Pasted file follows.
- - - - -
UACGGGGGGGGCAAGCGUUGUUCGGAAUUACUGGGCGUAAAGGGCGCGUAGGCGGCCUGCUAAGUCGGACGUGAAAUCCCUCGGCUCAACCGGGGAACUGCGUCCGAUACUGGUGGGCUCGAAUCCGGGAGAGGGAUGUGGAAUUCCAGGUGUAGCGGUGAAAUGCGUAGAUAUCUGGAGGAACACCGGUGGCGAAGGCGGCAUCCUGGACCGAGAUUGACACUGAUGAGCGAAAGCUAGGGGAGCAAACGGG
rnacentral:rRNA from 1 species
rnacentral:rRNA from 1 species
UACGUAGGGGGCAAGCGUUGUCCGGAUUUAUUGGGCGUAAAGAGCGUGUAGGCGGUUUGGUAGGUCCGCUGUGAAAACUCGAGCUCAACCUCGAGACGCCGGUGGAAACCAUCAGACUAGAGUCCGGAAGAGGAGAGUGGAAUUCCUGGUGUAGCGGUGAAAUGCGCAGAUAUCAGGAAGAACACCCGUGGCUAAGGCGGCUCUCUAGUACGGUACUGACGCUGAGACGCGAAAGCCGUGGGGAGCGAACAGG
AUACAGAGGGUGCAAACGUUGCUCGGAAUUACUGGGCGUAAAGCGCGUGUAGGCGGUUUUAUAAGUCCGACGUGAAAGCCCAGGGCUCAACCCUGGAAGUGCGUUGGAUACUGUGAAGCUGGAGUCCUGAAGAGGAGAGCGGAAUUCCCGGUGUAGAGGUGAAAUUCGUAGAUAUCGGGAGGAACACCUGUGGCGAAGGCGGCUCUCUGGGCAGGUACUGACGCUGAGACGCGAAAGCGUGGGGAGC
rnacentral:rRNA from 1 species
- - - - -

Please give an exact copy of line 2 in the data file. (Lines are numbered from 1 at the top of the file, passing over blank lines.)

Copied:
rnacentral:rRNA from 1 species